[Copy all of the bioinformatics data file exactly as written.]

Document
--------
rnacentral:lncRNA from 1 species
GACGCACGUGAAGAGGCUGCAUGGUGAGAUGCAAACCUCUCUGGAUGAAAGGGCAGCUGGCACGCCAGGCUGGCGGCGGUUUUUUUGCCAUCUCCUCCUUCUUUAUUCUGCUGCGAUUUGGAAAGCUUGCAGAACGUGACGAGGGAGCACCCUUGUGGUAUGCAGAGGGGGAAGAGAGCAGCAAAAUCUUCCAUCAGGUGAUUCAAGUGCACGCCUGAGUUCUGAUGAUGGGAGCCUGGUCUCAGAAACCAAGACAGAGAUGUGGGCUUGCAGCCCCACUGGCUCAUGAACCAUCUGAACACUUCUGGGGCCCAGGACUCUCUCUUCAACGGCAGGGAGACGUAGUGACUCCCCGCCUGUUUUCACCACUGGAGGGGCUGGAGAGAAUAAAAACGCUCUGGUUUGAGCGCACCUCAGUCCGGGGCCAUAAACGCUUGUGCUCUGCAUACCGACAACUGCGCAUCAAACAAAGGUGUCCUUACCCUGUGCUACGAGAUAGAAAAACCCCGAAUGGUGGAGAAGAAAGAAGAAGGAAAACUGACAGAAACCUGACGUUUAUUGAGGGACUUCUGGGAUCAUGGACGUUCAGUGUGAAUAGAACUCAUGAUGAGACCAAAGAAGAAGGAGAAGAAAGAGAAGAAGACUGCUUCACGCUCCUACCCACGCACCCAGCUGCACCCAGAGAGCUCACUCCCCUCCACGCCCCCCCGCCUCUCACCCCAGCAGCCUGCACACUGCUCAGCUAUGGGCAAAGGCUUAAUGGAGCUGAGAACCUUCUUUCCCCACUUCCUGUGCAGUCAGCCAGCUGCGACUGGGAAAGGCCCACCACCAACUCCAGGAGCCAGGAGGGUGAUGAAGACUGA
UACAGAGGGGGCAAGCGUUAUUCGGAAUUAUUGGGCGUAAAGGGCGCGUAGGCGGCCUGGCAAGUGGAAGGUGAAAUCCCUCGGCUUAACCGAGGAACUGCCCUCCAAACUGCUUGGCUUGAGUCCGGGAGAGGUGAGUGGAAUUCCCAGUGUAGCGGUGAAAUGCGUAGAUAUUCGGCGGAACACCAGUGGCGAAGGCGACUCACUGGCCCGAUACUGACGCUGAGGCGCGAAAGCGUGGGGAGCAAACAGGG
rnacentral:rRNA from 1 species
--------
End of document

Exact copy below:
rnacentral:lncRNA from 1 species
GACGCACGUGAAGAGGCUGCAUGGUGAGAUGCAAACCUCUCUGGAUGAAAGGGCAGCUGGCACGCCAGGCUGGCGGCGGUUUUUUUGCCAUCUCCUCCUUCUUUAUUCUGCUGCGAUUUGGAAAGCUUGCAGAACGUGACGAGGGAGCACCCUUGUGGUAUGCAGAGGGGGAAGAGAGCAGCAAAAUCUUCCAUCAGGUGAUUCAAGUGCACGCCUGAGUUCUGAUGAUGGGAGCCUGGUCUCAGAAACCAAGACAGAGAUGUGGGCUUGCAGCCCCACUGGCUCAUGAACCAUCUGAACACUUCUGGGGCCCAGGACUCUCUCUUCAACGGCAGGGAGACGUAGUGACUCCCCGCCUGUUUUCACCACUGGAGGGGCUGGAGAGAAUAAAAACGCUCUGGUUUGAGCGCACCUCAGUCCGGGGCCAUAAACGCUUGUGCUCUGCAUACCGACAACUGCGCAUCAAACAAAGGUGUCCUUACCCUGUGCUACGAGAUAGAAAAACCCCGAAUGGUGGAGAAGAAAGAAGAAGGAAAACUGACAGAAACCUGACGUUUAUUGAGGGACUUCUGGGAUCAUGGACGUUCAGUGUGAAUAGAACUCAUGAUGAGACCAAAGAAGAAGGAGAAGAAAGAGAAGAAGACUGCUUCACGCUCCUACCCACGCACCCAGCUGCACCCAGAGAGCUCACUCCCCUCCACGCCCCCCCGCCUCUCACCCCAGCAGCCUGCACACUGCUCAGCUAUGGGCAAAGGCUUAAUGGAGCUGAGAACCUUCUUUCCCCACUUCCUGUGCAGUCAGCCAGCUGCGACUGGGAAAGGCCCACCACCAACUCCAGGAGCCAGGAGGGUGAUGAAGACUGA
UACAGAGGGGGCAAGCGUUAUUCGGAAUUAUUGGGCGUAAAGGGCGCGUAGGCGGCCUGGCAAGUGGAAGGUGAAAUCCCUCGGCUUAACCGAGGAACUGCCCUCCAAACUGCUUGGCUUGAGUCCGGGAGAGGUGAGUGGAAUUCCCAGUGUAGCGGUGAAAUGCGUAGAUAUUCGGCGGAACACCAGUGGCGAAGGCGACUCACUGGCCCGAUACUGACGCUGAGGCGCGAAAGCGUGGGGAGCAAACAGGG
rnacentral:rRNA from 1 species